When I started trying to promote my own artwork online I kept coming across other people's art that amazed or compelled me in one way or another. This blog has been a way for me to practice thinking and writing about art, as well as learning more about my peers and all the incredible art that is being made out there.

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Wednesday, December 23, 2009

Aron Wiesenfeld

Comparisons to Chris Van Allsburg have been made. His Charcoal drawings, especially, evoke The Mysteries of Harris Burdick. But while Aron Wiesenfeld employs a similar dreamlike realism and suggested narrative, his psychological territory skews somewhat older, a good deal darker and decidedly more complex. His characters are often young, when emotions were more visceral and less compartmentalized, when fear and loneliness and wonder could all occur simultaneously in an intense but untidy emotional package. This is narrative art, first and foremost, and he is exceptionally good at suggesting an elaborate back story to draw the viewer into a paticipatory role as storyteller. But his technique, while always subordinate to the narrative, is wonderfully rich as well. I'm sure looking forward to following his work in the years to come.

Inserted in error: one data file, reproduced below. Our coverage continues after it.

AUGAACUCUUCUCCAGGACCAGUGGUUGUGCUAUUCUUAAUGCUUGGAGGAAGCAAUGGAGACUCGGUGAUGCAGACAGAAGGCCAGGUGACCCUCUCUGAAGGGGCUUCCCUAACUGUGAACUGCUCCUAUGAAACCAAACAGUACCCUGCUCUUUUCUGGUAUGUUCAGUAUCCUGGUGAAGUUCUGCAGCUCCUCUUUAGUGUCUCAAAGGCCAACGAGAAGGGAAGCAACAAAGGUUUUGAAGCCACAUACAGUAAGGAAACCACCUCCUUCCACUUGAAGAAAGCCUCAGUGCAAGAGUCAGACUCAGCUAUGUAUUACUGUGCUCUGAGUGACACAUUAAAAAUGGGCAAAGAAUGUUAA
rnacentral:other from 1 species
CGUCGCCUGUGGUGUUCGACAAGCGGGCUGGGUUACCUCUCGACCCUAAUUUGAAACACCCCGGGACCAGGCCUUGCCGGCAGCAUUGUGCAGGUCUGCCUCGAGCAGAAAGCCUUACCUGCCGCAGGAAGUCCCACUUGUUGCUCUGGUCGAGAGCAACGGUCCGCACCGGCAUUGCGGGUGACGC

Visit his website (aronwiesenfeld.com) and for a few images not included there, check out his Flickr site.

"Early" oil on linen 12"x9.75" 2008

"The Oath Breakers" oil on canvas 62"x47.5" 2009

untitled 35"x50" charcoal on paper 2007

"Tunnel" 16.5"x14" charcoal on paper 2008

"Flood" oil on canvas 24"x24"


  1. Yes, I love how the perspective on that piece suggests an almost infinite space below.